Getting there is no easy task, however.  It requires a 12.7 mile backpack up the Astoria River, or a 14.2 mile and 2,400' climb over Mccarib Pass to get there.  I did the latter, as the Astoria River trail was closed due to washout.  It was a beautiful, but slow and tedious trek in on sore feet, having just hiked out from Berg Lake the previous day.  My feet were hamburger!

On this trip, I endured a grizzly bear swatting at my vehicle in the middle of the night as I slept at the trailhead, startling me out of a sound sleep.  The scratches from its claws can still be seen on the window of my vehicle.

I also had a cougar follow me back to my tent in the middle of the night after star photography, circle the tent, and then swat at it as I lay there silent with one hand on my headlamp and the other clutching my bear spray.  I didn't know it was a cougar until the following morning when saw its tracks, as there was also a pack of wolves in the area.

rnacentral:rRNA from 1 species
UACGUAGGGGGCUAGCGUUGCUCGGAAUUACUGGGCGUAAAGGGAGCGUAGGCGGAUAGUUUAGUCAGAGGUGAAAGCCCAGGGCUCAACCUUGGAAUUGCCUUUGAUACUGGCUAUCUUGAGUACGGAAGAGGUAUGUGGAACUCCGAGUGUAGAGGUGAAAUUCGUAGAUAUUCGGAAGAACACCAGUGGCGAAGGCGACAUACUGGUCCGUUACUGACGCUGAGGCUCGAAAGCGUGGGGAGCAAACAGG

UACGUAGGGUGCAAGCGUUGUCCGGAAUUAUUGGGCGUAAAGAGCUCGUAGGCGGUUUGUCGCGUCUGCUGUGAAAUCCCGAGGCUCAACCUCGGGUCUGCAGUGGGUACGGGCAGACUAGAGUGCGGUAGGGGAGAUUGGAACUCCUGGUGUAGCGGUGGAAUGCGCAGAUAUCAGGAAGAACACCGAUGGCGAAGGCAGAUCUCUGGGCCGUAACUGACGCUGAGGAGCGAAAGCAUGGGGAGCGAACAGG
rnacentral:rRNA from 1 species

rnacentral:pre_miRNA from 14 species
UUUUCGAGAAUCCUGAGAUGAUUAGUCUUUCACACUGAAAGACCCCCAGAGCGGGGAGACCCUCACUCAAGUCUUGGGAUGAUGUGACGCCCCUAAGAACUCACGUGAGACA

Some photos require a lot of hard work and perseverance just to get in position to be successful.  This is one of those images!  Fortunately, the images I captured from this area with have been quite successful for me.  This particular image was recently licensed for web use to a design and publishing firm in the UAE.

You can see more images from this area and more in my Canadian Rockies Gallery, if interested.

As always, thanks for looking!

Monday, April 10, 2017

Photographing Bugaboo Provincial Park

Hound's Tooth and the Anniversary Glacier above fall larches in Bugaboo Provincial Park, British Columbia, Canada.
Hound's Tooth above fall larches.
I first visited this area in the fall of 1997 while the larches were at peak, and had the entire area to myself.  This included a night in the Conrad Kain Hut (already shuttered up for the season) and Applebee Dome.